Using Brain Science to Engage Prospects
Funding | | Nick Fellers
Humans seek order. In a very primitive sense, we’ve evolved to recognize faces (the ‘whole’) over features (the ‘parts’). In a cognitive sense, we learn new things by associating them with existing concepts in our brain… so all communication and learning is a mapping exercise inside our brains.
Gestalt theory emerges from these scientific underpinnings.
Think about a time when someone explained something new to you. In particular, think about a time when this explanation was coming from a subject matter expert — a real geek! Think about what it was like to catch — and comprehend — all the jargon coming at you! You likely felt overwhelmed. You likely missed concepts because you were devoting mental resources to sorting out one or two ideas in particular.
This is gestalt in action: Gestalt explains that feeling of WORKING to understand the other person. You were working to create order in YOUR mind.
Let’s contrast this with the presenter’s perspective. Everything is in perfect order for the speaker! She is explaining the concept as it makes sense in her head.
Great sales and effective 1:1 communication begins with the ‘order’ (or mental skeleton) as it ALREADY exists in the prospect’s head!
Instead of presenting your ‘frame,’ or concept, start by asking questions. Then, build your presentation on the prospect’s EXISTING mental skeleton. This has several effects:
- It increases the amount of information EFFECTIVELY communicated. EVERY PIECE of information coming in has a category, or a place, in the prospect’s mind. Rather than making the prospect ‘work for order.’
- Drawing on more neuroscience, it actually bypasses the fight-or-flight region of the brain. Think about your first impulse when a department store representative walks up to ask, “Can I help you?” For most people, our most immediate impulse is defensive!We can bypass the fight-or-flight (defensive) center when we are continually responding to a prospect’s concept.
- You use words that make sense! This other mode of engagement requires us to LISTEN. Not only are we building on the prospect’s mental skeleton, but he is also sharing with us the key WORDS (concepts) that resonate.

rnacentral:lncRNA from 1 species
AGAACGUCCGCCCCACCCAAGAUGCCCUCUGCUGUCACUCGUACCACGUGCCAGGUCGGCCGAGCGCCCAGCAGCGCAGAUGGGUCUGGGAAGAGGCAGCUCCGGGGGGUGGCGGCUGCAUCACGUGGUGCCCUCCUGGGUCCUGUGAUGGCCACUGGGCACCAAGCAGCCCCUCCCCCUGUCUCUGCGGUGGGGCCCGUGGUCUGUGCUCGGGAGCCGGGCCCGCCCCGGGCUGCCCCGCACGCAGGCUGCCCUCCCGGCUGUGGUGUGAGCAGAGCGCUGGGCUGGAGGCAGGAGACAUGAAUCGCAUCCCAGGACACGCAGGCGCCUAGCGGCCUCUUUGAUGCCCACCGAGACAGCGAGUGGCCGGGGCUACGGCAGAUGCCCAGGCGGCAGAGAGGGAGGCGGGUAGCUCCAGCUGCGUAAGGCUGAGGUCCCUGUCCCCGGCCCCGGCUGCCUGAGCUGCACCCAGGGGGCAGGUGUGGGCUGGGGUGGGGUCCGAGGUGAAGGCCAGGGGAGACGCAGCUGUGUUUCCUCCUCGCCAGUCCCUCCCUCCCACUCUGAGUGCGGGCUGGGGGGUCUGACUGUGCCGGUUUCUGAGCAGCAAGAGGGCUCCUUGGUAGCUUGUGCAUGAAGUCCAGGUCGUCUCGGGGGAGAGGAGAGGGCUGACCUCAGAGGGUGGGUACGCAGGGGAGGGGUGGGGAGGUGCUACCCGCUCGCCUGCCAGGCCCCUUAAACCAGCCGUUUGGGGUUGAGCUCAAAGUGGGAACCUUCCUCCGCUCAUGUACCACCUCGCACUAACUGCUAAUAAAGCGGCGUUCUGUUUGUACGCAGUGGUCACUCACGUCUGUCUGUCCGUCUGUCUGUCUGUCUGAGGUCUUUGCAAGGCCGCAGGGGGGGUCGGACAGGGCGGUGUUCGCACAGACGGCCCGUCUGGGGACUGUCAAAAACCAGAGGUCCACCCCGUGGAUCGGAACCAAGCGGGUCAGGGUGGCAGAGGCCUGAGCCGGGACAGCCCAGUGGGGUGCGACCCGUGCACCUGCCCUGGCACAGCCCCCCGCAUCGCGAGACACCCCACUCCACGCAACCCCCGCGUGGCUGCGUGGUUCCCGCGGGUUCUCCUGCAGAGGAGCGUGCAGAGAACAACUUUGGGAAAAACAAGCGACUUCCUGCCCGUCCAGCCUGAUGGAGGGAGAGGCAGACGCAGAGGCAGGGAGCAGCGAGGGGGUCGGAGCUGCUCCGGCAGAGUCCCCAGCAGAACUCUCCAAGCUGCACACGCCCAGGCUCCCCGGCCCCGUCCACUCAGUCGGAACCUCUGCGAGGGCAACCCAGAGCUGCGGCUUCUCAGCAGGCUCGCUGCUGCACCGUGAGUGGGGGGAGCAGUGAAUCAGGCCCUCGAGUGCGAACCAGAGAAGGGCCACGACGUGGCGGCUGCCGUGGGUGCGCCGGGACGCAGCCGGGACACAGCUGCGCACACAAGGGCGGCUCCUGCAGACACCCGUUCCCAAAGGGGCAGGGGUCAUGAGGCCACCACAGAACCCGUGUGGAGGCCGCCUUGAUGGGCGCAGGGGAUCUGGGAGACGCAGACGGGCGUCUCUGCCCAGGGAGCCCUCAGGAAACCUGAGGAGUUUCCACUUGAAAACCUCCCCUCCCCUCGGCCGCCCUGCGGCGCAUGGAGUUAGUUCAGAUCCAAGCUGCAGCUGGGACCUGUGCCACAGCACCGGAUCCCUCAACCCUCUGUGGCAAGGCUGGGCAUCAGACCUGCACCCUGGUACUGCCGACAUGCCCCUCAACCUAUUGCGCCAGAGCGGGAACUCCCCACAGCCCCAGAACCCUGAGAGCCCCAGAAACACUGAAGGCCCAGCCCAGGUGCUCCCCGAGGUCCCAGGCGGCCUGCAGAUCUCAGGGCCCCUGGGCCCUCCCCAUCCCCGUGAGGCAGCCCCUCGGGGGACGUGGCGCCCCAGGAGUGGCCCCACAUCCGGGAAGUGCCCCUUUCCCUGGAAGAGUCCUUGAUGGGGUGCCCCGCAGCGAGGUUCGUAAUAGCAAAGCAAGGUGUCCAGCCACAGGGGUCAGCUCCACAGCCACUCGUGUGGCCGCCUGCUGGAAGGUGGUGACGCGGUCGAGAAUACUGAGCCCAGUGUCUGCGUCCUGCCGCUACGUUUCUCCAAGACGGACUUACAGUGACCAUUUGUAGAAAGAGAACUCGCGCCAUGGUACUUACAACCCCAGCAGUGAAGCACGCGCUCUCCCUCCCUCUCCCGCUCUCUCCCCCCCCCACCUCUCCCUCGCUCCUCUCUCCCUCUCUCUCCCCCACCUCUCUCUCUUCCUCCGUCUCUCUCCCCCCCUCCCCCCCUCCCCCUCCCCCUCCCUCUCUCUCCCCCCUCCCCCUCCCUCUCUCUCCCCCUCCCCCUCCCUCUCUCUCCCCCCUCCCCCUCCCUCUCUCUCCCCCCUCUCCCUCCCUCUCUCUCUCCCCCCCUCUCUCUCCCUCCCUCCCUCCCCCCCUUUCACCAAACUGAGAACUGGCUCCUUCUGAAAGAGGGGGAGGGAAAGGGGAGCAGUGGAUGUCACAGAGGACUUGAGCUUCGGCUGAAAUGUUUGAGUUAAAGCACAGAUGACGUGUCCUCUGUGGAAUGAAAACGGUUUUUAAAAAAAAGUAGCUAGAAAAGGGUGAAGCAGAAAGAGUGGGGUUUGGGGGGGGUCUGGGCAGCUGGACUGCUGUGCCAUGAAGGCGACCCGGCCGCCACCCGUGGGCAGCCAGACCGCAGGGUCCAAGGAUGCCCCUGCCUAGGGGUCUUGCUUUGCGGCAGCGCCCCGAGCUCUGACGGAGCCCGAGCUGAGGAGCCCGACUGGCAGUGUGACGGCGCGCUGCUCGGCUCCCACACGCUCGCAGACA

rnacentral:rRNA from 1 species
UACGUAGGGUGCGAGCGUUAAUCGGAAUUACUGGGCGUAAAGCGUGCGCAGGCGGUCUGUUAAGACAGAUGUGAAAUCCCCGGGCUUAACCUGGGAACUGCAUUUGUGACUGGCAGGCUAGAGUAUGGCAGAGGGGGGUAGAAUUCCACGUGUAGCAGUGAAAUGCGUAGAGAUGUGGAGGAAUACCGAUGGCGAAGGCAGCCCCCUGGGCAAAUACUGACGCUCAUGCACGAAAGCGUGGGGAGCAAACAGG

In our boot camps, we do an exercise to illustrate gestalt and these learning points. We ask attendees to find a partner and — in two minutes’ time — communicate ONLY what is needed for the prospect to understand the organization in such a way that it could be communicated to someone else.
Most people are pressured by the ‘two-minute’ constraint. They start puking information. You can watch the room and see the prospects’ eyes glaze over. Prospects are overwhelmed with the information coming at them.
We then ask each partner to start over. In the second instance, we instruct the sales person to start the two minutes with an open-ended question… and then to follow-up with at least five more questions during the two minutes.
The exercise is used to show that you can actually communicate MORE by asking questions, and then responding…. by building your message on top of the prospect’s EXISTING mental skeleton.
Here is the example I use to illustrate this point. I communicate what it is that we do at The Suddes Group/For Impact.
(You have an advantage in READING these words. Imagine LISTENING to them.)
Scenario 1: The Suddes Group provides fundraising help. Unlike a lot of consultants, we also focus on organizational development and team development. We focus on the storytelling, the team, AND the funding implementation. We’ll do whatever it takes to help you move the ideas into funding. Often, this means we go on visits WITH you. We have a sales process, a funding road map, and a relationship-based funding model….
Twenty seconds into my ‘spiel’, I’ve lost the room.
Scenario 2: (I pick ONE person — Lisa — and engage in a dialogue.)
Me: Lisa, what is your greatest funding challenge?
Lisa: Trying to figure out what to say to get people to give the money.
Me: Is it that you don’t know HOW to ask? Or that you don’t have a succinct message for the organization?
Lisa: I think we’re pretty succinct in our message. In fact, we’re GREAT storytellers. And, I think we have prospects, we just don’t seem to be able to convert any of them to big gifts.
Me: Do you feel like you have a reliable process to follow?
Lisa: Actually… no… maybe that’s it. Now that you ask the question, there are practices we probably don’t know about to make the ask easier. And then I would say we lack the confidence to ask.
Me (communicating WHAT we do in response form). Lisa, this is what we do. We help teams with those two obstacles. We help them figure out what to say, and how to ask, AND we help them build a process so that they can do this again and again.
The goal of the exercise is to communicate what you do in a way that the other person could communicate with others. In the first scenario, I was forcing the prospect to mentally categorize all sorts of new concepts – most of which weren’t interesting or relevant to the prospect. In the second scenario, we were successful by building questions and then building relevant associations for the prospect.
In 1:1 engagements, you can COMMUNICATE more effectively by asking questions, and then by RESPONDING with relevant concepts.